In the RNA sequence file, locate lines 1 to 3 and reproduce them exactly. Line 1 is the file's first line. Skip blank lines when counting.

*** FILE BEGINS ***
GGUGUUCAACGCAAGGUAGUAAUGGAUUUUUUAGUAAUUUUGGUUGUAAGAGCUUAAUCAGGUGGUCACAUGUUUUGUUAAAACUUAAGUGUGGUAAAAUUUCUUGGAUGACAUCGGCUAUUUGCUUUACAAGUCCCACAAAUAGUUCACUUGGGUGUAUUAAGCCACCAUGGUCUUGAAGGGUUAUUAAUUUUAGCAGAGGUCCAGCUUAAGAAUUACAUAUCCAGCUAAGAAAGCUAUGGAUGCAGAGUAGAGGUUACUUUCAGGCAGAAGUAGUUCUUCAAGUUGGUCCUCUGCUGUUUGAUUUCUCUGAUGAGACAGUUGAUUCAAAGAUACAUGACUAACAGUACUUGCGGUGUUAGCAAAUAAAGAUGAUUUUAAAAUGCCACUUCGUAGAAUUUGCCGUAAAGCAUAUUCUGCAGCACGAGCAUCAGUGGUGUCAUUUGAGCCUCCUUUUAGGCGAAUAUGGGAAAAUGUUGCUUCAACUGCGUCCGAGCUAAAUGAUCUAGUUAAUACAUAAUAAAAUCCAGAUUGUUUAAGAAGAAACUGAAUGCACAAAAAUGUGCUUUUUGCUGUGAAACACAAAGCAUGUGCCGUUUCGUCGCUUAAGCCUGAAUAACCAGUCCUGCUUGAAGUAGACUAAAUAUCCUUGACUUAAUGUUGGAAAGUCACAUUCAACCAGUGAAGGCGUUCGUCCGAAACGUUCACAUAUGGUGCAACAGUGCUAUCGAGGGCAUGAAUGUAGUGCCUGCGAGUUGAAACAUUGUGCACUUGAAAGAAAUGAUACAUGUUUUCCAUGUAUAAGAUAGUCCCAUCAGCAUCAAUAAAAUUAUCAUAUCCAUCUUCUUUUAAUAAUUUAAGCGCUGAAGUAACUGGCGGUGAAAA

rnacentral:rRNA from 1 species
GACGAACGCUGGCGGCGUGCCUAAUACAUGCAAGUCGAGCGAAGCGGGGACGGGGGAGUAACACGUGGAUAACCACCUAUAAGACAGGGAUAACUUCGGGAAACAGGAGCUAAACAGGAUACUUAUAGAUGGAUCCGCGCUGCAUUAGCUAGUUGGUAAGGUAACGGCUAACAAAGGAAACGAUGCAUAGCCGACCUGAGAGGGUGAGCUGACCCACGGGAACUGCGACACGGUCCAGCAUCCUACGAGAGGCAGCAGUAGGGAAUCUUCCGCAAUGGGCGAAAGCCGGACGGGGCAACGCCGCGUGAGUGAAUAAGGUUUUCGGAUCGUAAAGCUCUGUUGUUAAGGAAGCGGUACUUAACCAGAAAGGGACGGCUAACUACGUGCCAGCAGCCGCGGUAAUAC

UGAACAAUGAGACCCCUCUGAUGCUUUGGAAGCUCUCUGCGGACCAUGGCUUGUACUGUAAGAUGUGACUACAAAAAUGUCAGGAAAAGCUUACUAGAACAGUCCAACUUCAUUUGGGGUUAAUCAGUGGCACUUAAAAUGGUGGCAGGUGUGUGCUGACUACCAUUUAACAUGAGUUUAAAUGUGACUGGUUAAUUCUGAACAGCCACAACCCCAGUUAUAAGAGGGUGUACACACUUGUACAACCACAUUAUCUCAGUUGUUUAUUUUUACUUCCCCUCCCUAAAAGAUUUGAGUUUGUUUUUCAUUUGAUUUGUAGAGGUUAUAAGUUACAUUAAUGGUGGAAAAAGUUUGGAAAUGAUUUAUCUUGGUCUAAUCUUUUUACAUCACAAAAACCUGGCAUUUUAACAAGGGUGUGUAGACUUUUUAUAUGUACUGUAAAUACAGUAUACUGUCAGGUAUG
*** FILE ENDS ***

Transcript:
GGUGUUCAACGCAAGGUAGUAAUGGAUUUUUUAGUAAUUUUGGUUGUAAGAGCUUAAUCAGGUGGUCACAUGUUUUGUUAAAACUUAAGUGUGGUAAAAUUUCUUGGAUGACAUCGGCUAUUUGCUUUACAAGUCCCACAAAUAGUUCACUUGGGUGUAUUAAGCCACCAUGGUCUUGAAGGGUUAUUAAUUUUAGCAGAGGUCCAGCUUAAGAAUUACAUAUCCAGCUAAGAAAGCUAUGGAUGCAGAGUAGAGGUUACUUUCAGGCAGAAGUAGUUCUUCAAGUUGGUCCUCUGCUGUUUGAUUUCUCUGAUGAGACAGUUGAUUCAAAGAUACAUGACUAACAGUACUUGCGGUGUUAGCAAAUAAAGAUGAUUUUAAAAUGCCACUUCGUAGAAUUUGCCGUAAAGCAUAUUCUGCAGCACGAGCAUCAGUGGUGUCAUUUGAGCCUCCUUUUAGGCGAAUAUGGGAAAAUGUUGCUUCAACUGCGUCCGAGCUAAAUGAUCUAGUUAAUACAUAAUAAAAUCCAGAUUGUUUAAGAAGAAACUGAAUGCACAAAAAUGUGCUUUUUGCUGUGAAACACAAAGCAUGUGCCGUUUCGUCGCUUAAGCCUGAAUAACCAGUCCUGCUUGAAGUAGACUAAAUAUCCUUGACUUAAUGUUGGAAAGUCACAUUCAACCAGUGAAGGCGUUCGUCCGAAACGUUCACAUAUGGUGCAACAGUGCUAUCGAGGGCAUGAAUGUAGUGCCUGCGAGUUGAAACAUUGUGCACUUGAAAGAAAUGAUACAUGUUUUCCAUGUAUAAGAUAGUCCCAUCAGCAUCAAUAAAAUUAUCAUAUCCAUCUUCUUUUAAUAAUUUAAGCGCUGAAGUAACUGGCGGUGAAAA

rnacentral:rRNA from 1 species
GACGAACGCUGGCGGCGUGCCUAAUACAUGCAAGUCGAGCGAAGCGGGGACGGGGGAGUAACACGUGGAUAACCACCUAUAAGACAGGGAUAACUUCGGGAAACAGGAGCUAAACAGGAUACUUAUAGAUGGAUCCGCGCUGCAUUAGCUAGUUGGUAAGGUAACGGCUAACAAAGGAAACGAUGCAUAGCCGACCUGAGAGGGUGAGCUGACCCACGGGAACUGCGACACGGUCCAGCAUCCUACGAGAGGCAGCAGUAGGGAAUCUUCCGCAAUGGGCGAAAGCCGGACGGGGCAACGCCGCGUGAGUGAAUAAGGUUUUCGGAUCGUAAAGCUCUGUUGUUAAGGAAGCGGUACUUAACCAGAAAGGGACGGCUAACUACGUGCCAGCAGCCGCGGUAAUAC